December 9, 2019

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City bus charter's plan to expand hits red light

Provincial board says there isn't enough demand

Winston Gordon applied for seven more licences to expand his company, but was refused.

PHIL.HOSSACK@FREEPRESS.MB.CA

Winston Gordon applied for seven more licences to expand his company, but was refused.

A little-known provincial regulator is putting the brakes on Winston Gordon's efforts to grow his bus charter business.

Gordon's 10-year-old Winnipeg business, Five Star Bus Lines, operates five charter buses and has applied for seven more licences.

"I'm not being greedy," he said. "If they said 'we're not going to give you all seven now,' I'd be happy to get a couple now and come back later for more."

He knows there was no opposition to his application and he's pursuing the growth because he believes there are customers out there who want charters and are not able to find the coaches they need for their trips.

"I know there is demand," Gordon said. "People are calling me all the time and they say they can't find any buses."

And it's not just Gordon who has been shut out.

Iris Murrell, secretary of the Motor Transport Board, said the board has not issued any new licences or alterations of licences for at least a year. That's because it's the Motor Transport Board's understanding that, in fact, the marketplace has not grown and the larger industry dynamics probably back that up.

The MTB is mandated to regulate the transportation of passengers in the province. Many carriers are restricted as to where they can pick up passengers. For instance, many small-town carriers cannot board groups in the city and even Brandon carriers who want to expand to towns north of there are restricted by their licence.

"We are here to maintain service to the general public," Murrell said. "If something is being proposed that will have a detrimental effect on that, it will not likely get a favourable consideration from the board. In the past year or so, a few existing carriers have applied to this board to add existing vehicles or expand their restricted boundaries and they have all been refused."

That's because, despite the fact some may believe there is more business out there, the MTB's intelligence is to the contrary, she said.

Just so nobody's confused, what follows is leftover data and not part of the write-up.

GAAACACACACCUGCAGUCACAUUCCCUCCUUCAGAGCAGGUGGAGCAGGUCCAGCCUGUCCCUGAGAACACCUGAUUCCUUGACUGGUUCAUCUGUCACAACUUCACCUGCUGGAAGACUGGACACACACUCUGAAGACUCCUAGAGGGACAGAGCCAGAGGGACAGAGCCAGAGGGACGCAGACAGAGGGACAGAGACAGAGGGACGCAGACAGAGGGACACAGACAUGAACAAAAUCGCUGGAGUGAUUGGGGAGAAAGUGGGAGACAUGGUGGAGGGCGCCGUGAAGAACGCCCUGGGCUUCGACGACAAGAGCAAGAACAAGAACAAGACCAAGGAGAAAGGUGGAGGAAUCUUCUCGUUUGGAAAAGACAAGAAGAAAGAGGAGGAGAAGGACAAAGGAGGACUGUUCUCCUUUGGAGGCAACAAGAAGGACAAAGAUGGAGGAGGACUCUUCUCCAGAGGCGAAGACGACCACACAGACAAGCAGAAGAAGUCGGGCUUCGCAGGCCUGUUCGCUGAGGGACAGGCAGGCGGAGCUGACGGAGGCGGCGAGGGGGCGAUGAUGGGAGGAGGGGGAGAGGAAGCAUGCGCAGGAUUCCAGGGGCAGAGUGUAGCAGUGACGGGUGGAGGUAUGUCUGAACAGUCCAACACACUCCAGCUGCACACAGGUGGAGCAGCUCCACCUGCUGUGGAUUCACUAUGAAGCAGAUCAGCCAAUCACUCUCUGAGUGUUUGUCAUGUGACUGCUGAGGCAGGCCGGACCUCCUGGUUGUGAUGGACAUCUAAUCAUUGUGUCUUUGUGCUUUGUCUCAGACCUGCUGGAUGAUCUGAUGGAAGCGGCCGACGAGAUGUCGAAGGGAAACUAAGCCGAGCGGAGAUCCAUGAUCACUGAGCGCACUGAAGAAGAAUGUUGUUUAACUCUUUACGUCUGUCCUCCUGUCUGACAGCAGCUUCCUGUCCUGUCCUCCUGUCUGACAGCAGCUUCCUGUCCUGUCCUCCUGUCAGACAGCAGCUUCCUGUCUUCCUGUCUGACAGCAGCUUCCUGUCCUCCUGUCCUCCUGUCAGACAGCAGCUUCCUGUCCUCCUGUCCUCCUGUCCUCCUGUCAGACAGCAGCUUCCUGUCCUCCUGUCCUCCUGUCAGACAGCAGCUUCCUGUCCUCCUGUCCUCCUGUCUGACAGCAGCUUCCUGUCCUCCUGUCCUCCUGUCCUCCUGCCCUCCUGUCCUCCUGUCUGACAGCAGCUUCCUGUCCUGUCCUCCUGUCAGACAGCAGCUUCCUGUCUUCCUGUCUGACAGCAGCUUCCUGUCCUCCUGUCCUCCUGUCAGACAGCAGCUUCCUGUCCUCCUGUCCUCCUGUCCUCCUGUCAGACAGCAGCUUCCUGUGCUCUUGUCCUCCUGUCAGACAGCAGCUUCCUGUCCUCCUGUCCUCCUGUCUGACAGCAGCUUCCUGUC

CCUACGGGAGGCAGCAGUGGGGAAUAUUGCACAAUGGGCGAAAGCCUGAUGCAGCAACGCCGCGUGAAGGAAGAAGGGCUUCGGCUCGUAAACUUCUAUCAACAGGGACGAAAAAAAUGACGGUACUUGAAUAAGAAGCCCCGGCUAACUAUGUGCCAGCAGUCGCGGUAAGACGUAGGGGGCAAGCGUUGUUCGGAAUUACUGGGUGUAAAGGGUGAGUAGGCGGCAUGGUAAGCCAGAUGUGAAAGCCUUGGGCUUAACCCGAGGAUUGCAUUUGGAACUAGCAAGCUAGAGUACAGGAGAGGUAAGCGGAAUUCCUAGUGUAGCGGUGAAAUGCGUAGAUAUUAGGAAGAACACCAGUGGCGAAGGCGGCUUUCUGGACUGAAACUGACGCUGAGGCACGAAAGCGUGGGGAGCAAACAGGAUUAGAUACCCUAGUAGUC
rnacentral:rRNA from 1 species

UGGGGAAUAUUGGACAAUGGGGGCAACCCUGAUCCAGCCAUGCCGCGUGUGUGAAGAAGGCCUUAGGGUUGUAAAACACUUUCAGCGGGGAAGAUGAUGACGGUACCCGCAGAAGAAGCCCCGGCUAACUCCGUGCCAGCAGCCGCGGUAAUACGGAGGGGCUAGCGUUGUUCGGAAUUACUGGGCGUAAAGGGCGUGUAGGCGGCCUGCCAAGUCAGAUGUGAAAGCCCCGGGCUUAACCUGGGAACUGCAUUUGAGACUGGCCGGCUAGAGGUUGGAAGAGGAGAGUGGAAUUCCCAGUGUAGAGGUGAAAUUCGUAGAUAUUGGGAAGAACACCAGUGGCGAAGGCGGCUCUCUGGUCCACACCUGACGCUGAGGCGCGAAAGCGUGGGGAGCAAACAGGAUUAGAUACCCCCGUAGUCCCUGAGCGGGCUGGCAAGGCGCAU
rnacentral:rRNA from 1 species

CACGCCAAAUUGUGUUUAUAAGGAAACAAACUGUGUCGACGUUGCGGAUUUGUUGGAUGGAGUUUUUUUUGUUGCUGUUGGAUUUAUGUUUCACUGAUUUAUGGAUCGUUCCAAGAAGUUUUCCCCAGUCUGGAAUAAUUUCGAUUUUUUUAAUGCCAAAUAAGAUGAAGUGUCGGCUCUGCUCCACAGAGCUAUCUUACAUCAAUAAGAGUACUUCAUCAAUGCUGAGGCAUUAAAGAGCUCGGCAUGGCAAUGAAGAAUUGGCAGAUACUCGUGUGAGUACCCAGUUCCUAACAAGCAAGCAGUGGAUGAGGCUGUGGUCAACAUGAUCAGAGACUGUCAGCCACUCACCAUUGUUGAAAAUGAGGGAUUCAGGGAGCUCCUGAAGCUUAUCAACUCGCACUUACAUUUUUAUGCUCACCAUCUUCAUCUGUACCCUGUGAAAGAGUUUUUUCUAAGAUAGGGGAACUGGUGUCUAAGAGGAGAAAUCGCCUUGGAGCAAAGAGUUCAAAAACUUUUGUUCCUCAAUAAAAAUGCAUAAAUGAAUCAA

One thing is certain: North American tour companies are definitely buying fewer buses as can be attested by the fact Motor Coach Industries — whose coaches dominate more than 50 per cent of the market in Canada and the U.S. — has seen its sales totals decline over the past few years.

John Fehr, president of Beaver Bus Lines, the largest charter company in the province, said like anything else, the bus charter business has its busy periods and slow times.

But he said the tour business in North America is down substantially, even in the last year.

"We often have a lot of coaches sitting in the barn from Monday to Wednesday; usually by Thursday and Friday they start going out on hockey charters and school groups on the weekends," Fehr said.

But regardless of the availability of business, there are some who believe if an operator like Gordon wants to invest in his business, he should be encouraged, not prevented, from doing so.

"At the and of the day, if they can make the case that there is a need for more buses, why stop them with legislation and regulation," said Chuck Davidson, vice-president of policy and communications at the Winnipeg Chamber of Commerce. "If there is no competitive pressure, then it doesn't do anything to encourage better quality of service."

The MTB is responsible for the transportation of passengers in the province, so there is a serious element of safety and quality of service that needs to be monitored.

martin.cash@freepress.mb.ca

Martin Cash

Martin Cash
Reporter

Martin Cash has been writing a column and business news at the Free Press since 1989. Over those years he’s written through a number of business cycles and the rise and fall (and rise) in fortunes of many local businesses.

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